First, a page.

Five Finger Death Punch are starring down a very busy 2018 with the May 18 release of their seventh studio album And Justice for None and their upcoming summer tour with Breaking Benjamin.
The band, of course, had a somewhat chaotic 2017 due to a lawsuit with their record label, Prospect Park, and former manager Jeff Kwatinetz, which was settled in October.
So, did the legal battle influence FFDP's new record in any way? Guitarist Zoltan Bathory shared some insight in a recent conversation with WRIF's Meltdown:
"Everyone knows we were in this crazy situation last year, and actually, that's how the album title came about. When you're in a lawsuit, the only people that win are the lawyers...Finally, when we settled, I think Ivan [Moody] was the one that said, 'Well, I guess that's justice for none!' And then we were all like, 'Well, let's call the album 'Justice for None'!'...We all know there's a Metallica album [called '...And Justice For All'] obviously out there, but it's funny in many ways. Those lyrics from Metallica's '...And Justice For All' actually make a lot of sense today."
As for the album's material itself, Bathory indicated that there will likely be a few tracks that will resonate heavily with the FFDP fanbase:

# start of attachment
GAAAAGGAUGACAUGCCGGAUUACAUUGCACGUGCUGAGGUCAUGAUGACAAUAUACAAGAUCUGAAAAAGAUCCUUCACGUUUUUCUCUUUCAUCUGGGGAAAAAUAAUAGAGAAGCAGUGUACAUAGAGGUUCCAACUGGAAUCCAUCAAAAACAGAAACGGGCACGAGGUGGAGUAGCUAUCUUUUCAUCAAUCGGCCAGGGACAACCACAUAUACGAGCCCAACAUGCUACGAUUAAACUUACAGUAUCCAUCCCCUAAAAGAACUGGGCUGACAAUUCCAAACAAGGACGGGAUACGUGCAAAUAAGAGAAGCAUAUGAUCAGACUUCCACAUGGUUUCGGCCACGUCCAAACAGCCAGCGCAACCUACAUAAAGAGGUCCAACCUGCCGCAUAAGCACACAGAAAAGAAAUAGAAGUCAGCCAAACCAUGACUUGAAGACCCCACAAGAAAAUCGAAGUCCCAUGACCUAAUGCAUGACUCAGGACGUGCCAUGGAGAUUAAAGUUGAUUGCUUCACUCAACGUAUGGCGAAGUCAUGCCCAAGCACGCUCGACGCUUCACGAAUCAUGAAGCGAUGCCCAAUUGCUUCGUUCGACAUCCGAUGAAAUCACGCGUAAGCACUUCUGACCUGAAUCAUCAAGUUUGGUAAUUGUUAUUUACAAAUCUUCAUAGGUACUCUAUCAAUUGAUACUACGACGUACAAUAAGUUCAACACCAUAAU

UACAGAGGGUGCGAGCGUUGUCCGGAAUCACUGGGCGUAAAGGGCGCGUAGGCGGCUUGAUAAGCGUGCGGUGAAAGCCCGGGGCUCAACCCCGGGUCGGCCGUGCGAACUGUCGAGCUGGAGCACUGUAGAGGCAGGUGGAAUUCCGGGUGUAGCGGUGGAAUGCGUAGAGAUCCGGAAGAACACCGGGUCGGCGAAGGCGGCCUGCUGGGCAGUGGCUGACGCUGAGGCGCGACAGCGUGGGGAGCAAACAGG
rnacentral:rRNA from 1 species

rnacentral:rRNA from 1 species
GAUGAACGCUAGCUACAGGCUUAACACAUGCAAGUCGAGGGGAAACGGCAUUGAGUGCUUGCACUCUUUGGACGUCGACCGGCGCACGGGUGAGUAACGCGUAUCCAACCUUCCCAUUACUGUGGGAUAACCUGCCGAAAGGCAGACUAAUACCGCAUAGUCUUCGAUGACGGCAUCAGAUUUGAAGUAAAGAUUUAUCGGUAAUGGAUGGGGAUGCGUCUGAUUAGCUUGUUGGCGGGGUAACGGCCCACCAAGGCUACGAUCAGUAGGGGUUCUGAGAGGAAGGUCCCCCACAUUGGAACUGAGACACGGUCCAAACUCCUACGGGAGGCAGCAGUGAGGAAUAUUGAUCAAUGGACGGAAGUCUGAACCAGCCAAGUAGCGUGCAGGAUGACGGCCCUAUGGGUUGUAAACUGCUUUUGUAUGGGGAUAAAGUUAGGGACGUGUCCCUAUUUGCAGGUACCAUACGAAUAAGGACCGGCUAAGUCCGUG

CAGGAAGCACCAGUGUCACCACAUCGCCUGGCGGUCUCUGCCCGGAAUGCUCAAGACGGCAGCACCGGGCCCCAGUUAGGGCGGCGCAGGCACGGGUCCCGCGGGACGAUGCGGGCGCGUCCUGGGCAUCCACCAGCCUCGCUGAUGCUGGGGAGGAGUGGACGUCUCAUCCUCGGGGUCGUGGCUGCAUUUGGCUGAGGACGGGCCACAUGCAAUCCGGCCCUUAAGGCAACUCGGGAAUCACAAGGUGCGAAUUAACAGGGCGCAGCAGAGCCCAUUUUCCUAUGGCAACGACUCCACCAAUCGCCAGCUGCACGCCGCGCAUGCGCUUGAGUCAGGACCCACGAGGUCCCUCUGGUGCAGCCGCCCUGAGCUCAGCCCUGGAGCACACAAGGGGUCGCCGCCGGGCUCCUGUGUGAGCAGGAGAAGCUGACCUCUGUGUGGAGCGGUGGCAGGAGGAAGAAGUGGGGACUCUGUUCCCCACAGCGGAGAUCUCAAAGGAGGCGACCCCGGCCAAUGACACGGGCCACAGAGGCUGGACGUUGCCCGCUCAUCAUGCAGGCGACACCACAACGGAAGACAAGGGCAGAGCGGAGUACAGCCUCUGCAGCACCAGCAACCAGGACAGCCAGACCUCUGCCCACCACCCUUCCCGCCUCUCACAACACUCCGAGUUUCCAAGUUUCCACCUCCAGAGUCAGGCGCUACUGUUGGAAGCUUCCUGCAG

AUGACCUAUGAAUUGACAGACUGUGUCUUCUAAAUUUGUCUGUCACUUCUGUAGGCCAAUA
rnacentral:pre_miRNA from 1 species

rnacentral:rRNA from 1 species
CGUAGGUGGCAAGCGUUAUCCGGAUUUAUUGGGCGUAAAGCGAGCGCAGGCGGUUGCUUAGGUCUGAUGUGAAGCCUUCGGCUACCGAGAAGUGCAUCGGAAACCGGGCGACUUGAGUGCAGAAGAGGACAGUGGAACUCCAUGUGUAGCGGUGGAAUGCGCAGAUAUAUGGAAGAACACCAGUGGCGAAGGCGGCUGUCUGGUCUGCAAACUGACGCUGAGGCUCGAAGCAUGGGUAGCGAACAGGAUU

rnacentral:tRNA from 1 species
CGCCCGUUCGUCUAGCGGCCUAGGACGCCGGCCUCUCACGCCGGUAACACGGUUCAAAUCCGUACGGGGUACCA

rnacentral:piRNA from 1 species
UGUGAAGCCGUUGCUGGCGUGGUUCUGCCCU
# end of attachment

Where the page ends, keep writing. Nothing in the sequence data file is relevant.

"Five Finger Death Punch kind of have a 'sound.' You hear it on the radio, and you know it's us...And for us, it's always about writing the song. The song is what matters most to us...If you, in your career as a musician, can write one of those songs, then I think you've succeeded. Because that's what matters. Can I write songs that really mean something to people? That's what it's really about. This record has three or four of the biggest songs we've ever wrote...They're really going to hit some chords with people."
And Justice for None is currently available for pre-order in multiple formats and bundles at FiveFingerDeathPunch.com.
To listen to this interview in its entirety, go to WRIF.com.
Erica Banas is a rock/classic rock blogger who once did a presentation in a college public speaking course about why The Rolling Stones were better than The Beatles. (She received an A.)